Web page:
[R-SIG-Mac] Text encoding and R

Simon Urbanek simon.urbanek at r-project.org
Fri Mar 23 20:03:02 CET 2007


to be honest, I'm not quite sure I understand your problem. Therefore  
I'll just explain a bit how to work with encodings (you may also want  
to read Brian Ripley's article in R News).

First, the Mac GUI does everything in UTF-8. All files handled by the  
GUI are expected to be in UTF-8 and will be saved in UTF-8 (there is  
an exception for backwards compatibility - if a document to be read  
doesn't appear to be UTF-8, it is assumed to be MacRoman and will be  
converted to UTF-8 automatically) . If you want to read files in the  
GUI from encodings, you have to convert them first.

Now, R can read/write files in a variety of encodings, especially on  
the Mac. The fact that the Mac GUI is using UTF-8 makes it possible  
to display text in pretty much any encoding.

Let's say I have this code:
Bête <- "La Bête"
in three files: txt-utf8.R as UTF-8 (default when you save it with  
the GUI), txt-mac.R (old Mac Roman encoding that is the default if  
you save it in TextEdit for example) and txt-lat1.R in latin1  
(ISO8859-1, default on Windows). They look like this:

caladan:urbanek$ hexdump -C txt-utf8.R
00000000  42 c3 aa 74 65 20 3c 2d  20 22 4c 61 20 42 c3 aa  |B..te <-  
"La B..|
00000010  74 65 22 0a 70 72 69 6e  74 28 42 c3 aa 74 65 29  |te".print 
00000020  0a                                                |.|
caladan:urbanek$ hexdump -C txt-mac.R
00000000  42 90 74 65 20 3c 2d 20  22 4c 61 20 42 90 74 65  |B.te <-  
"La B.te|
00000010  22 0a 70 72 69 6e 74 28  42 90 74 65 29 0a        |".print 
caladan:urbanek$ hexdump -C txt-lat1.R
00000000  42 ea 74 65 20 3c 2d 20  22 4c 61 20 42 ea 74 65  |B.te <-  
"La B.te|
00000010  22 0a 70 72 69 6e 74 28  42 ea 74 65 29 0a        |".print 

In the Mac GUI you can actually open both txt-utf8.R or txt-mac.R in  
the built-in editor and they'll be fine, because the MacRoman version  
will be automatically converted to UTF-8. But if you want to source  
the code, you have to specify the encoding. Only the txt-utf8.R file  
will work, others won't:

 > source("txt-utf8.R")
[1] "La Bête"
 > source("txt-lat1.R")
Error in source("txt-lat1.R") : invalid multibyte character in  
 > source("txt-mac.R")
Error in source("txt-mac.R") : invalid multibyte character in  

You have to tell R which encoding the file really uses:
 > source("txt-lat1.R",enc="latin1")
[1] "La Bête"
 > source("txt-mac.R",enc="MacRoman")
[1] "La Bête"
 > ls()
[1] "Bête"

The same applies to any other file operations (read/write.table, ..).  
R just has no way of knowing what the encoding of the file is.

Finally, if you want to convert files for other users (e.g. for their  
convenience), you have several options. Unfortunately the Mac GUI  
doesn't have the  option to save in a different encoding (yet), but  
you can use TextEdit or Xcode to open a file and save it in a  
different encoding. Alrernatively you can use iconv directly if you  
want to convert files in a batch, for example:
iconv -f utf-8 -t latin1 txt-utf8.R > txt-lat1.R

One word of caution - if you are *not* using the Mac GUI then R may  
not support non-ASCII characters at, for example:
 > source("txt-lat1.R")
Error in parse(file, n = -1, NULL, "?") : syntax error at
1: B?

I hope this helps ...


On Mar 23, 2007, at 11:51 AM, Chabot Denis wrote:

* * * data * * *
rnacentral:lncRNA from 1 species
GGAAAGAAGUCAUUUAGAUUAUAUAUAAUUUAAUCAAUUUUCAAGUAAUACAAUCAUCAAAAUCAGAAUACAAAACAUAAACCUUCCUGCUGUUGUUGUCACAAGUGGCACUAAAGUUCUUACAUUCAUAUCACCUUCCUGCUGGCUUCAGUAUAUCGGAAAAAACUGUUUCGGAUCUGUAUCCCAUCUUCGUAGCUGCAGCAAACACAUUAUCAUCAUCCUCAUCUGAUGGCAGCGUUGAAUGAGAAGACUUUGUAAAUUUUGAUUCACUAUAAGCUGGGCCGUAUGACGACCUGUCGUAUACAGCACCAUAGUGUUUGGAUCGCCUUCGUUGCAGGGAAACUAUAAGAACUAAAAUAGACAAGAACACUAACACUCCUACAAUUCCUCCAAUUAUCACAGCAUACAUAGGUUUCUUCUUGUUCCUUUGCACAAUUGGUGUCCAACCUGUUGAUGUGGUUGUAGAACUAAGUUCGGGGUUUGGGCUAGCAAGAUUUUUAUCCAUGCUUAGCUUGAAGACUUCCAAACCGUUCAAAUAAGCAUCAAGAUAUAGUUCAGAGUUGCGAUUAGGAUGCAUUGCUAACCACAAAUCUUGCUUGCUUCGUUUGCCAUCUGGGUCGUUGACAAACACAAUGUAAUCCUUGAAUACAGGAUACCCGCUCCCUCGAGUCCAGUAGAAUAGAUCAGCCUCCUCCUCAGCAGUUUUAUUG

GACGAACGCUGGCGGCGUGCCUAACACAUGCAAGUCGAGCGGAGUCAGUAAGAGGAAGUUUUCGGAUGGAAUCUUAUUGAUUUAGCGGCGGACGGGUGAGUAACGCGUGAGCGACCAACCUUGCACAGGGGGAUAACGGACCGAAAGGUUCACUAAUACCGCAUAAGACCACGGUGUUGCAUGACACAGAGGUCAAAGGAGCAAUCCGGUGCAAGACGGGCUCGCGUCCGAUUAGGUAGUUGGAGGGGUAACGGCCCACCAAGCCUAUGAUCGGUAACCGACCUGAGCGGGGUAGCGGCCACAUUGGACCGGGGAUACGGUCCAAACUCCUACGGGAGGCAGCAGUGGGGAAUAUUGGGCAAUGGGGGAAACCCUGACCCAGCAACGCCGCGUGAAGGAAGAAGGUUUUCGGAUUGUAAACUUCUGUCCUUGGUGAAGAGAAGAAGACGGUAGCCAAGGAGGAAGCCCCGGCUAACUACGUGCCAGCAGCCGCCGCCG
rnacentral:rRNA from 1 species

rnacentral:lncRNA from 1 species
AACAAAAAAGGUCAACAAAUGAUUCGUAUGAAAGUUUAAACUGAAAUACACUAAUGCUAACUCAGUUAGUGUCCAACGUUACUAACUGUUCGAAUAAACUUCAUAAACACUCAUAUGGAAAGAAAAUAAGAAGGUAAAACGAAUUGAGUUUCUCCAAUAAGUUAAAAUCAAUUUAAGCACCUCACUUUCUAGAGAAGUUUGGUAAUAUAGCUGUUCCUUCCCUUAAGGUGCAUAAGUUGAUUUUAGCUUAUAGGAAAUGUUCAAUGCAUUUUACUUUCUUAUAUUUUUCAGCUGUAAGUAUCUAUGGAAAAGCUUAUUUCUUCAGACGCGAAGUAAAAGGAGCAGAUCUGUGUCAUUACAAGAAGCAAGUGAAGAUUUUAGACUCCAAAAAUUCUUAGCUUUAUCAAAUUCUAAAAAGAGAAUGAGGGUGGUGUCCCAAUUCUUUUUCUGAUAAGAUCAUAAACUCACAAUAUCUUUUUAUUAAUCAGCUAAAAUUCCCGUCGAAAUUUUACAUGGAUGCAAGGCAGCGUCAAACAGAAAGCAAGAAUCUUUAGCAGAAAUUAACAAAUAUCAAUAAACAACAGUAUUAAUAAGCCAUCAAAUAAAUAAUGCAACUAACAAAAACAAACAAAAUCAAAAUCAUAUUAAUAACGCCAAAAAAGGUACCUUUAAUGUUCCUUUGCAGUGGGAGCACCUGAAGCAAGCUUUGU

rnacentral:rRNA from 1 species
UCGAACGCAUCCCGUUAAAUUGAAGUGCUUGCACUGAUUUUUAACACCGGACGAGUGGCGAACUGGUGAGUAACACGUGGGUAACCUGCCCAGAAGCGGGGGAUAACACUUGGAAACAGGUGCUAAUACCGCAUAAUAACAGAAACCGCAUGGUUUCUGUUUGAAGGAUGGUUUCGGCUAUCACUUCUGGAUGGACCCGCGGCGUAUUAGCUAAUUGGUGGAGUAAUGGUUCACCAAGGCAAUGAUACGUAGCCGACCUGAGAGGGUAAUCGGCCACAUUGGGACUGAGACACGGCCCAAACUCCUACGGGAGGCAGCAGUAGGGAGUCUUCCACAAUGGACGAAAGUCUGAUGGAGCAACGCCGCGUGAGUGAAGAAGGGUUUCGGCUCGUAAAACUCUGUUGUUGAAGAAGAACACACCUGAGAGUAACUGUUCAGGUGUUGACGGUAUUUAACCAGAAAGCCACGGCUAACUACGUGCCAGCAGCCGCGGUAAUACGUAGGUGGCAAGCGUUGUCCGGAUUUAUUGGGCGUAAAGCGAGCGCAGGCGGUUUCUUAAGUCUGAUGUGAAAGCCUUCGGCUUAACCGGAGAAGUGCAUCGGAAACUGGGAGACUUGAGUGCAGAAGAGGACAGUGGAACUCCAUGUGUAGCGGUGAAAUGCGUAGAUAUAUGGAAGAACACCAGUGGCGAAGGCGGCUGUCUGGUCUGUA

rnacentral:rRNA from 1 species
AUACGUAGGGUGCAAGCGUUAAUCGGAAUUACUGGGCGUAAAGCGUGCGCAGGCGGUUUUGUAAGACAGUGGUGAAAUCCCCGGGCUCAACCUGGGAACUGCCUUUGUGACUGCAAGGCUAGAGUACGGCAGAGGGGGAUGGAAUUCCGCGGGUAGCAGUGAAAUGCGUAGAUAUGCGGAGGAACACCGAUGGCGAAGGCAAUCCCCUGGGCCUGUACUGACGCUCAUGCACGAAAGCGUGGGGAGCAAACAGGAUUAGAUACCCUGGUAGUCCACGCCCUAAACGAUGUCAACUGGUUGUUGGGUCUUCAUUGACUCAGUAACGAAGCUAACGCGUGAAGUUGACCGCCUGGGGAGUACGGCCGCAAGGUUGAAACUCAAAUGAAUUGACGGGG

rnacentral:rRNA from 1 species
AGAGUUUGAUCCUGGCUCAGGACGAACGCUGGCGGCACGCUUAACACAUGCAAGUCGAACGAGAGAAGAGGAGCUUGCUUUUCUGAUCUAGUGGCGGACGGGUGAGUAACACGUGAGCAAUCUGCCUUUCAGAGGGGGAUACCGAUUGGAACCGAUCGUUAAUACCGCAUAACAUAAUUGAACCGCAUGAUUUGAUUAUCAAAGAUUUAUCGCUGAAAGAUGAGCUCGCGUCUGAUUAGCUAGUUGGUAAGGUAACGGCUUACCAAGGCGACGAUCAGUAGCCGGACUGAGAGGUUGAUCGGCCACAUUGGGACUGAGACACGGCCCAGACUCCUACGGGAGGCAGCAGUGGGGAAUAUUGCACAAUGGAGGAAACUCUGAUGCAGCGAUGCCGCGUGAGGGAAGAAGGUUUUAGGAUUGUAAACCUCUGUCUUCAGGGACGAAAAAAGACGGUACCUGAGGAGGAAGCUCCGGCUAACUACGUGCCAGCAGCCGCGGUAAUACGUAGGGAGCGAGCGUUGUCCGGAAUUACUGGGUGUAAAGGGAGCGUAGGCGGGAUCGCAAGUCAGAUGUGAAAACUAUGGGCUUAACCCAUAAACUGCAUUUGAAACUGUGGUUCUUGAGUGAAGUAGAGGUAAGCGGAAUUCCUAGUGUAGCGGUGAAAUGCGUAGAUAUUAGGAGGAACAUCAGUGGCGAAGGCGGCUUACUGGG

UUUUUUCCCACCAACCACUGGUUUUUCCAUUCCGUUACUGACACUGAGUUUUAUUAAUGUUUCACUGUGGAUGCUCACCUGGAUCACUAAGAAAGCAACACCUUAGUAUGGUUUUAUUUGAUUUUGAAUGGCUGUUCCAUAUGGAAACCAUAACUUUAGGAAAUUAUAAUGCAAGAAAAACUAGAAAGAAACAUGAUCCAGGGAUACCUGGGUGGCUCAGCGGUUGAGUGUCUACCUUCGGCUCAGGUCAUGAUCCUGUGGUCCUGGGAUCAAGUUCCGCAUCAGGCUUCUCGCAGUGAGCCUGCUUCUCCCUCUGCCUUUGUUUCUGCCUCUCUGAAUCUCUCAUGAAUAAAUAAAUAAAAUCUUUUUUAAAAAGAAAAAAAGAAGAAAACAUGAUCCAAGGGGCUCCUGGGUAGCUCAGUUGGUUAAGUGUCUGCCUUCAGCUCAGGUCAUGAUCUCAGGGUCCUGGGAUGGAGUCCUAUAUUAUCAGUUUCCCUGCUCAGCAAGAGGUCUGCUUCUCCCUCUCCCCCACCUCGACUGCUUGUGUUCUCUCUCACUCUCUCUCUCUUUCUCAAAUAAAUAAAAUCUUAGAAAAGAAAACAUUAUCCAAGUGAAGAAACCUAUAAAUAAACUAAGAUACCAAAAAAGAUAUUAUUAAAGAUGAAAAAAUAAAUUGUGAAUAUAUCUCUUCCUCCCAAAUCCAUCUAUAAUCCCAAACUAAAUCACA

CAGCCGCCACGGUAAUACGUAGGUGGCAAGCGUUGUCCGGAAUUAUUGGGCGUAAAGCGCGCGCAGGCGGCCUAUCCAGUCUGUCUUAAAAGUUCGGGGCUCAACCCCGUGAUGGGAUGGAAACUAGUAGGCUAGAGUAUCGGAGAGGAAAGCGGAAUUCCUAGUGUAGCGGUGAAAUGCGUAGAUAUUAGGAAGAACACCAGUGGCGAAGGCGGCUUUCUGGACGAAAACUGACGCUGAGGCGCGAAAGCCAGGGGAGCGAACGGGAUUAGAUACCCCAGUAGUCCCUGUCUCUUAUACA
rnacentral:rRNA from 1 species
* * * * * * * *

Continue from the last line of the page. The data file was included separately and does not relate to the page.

> Hi,
> For the last many versions of R (at least since v2, I think), I did
> not need to worry about getting R to output french accented vowels on
> my plots. I can place comments in french in my scripts without any
> problem. In fact things work so well I even started, now and then,
> using variable names with accents (so much prettier!).
> Now I'm trying to introduce a student to R. Actually she'll need to
> use some of my programs (scripts) to analyse her data.
> But all the accented vowels come up wrong on her copy of R (the
> default gui she got after installing R from CRAN)and worse, her R
> does not like one bit my variable names containing accents.
> I know that on my mac, R is not happy if I don't save my programs and
> my data files in UTF8-no BOM (I'm not sure about the no BOM,
> sometimes R accepts files in UTF8 only, sometimes not, but it always
> accepts them if I set the no BOM encoding in TextWrangler).
> I've never told R anything about what encoding to use, it chose UTF8
> no BOM all by itself.
> I double-checked with these commands:
>> Sys.getlocale(category = "LC_ALL")
> [1] "fr_CA.UTF-8/fr_CA.UTF-8/fr_CA.UTF-8/C/fr_CA.UTF-8/fr_CA.UTF-8"
>> getOption("encoding")
> [1] "native.enc"
>> localeToCharset(locale = Sys.getlocale("LC_CTYPE"))
> [1] "UTF-8"     "ISO8859-1"
> I thought ISO8859-1 was the same as ISO-Latin 1, and tried again
> reading in a data file containing an accented vowel. R did not like  
> it.
> The student on a PC typed the same commands and got:
>> Sys.getlocale(category = "LC_ALL")
> [1]"LC_COLLATE=French_Canada.1252;LC_CTYPE=French_Canada.
> 1252;LC_MONETARY=French_Canada.
> 1252;LC_NUMERIC=C;LC_TIME=French_Canada.1252"
>> getOption("encoding")
> [1] "native.enc"
>> localeToCharset(locale = Sys.getlocale("LC_CTYPE"))
> [1] "ISO8859-1"
> It seems that both our versions of R should handle ISO-Latin 1. Do
> you have enough details to tell me why mine does not seem to like ISO-
> Latin 1?
> For the collaboration with my student to work (and for her not to
> give up on R), I need to either make my R accept to give me the same
> level of good services in French using ISO-Latin 1, or to tell my
> students's version of R on a PC to accept scripts and data files in
> UTF8.
> Which of the two is easiest?
> Thanks in advance,
> Denis Chabot
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> R-SIG-Mac at stat.math.ethz.ch
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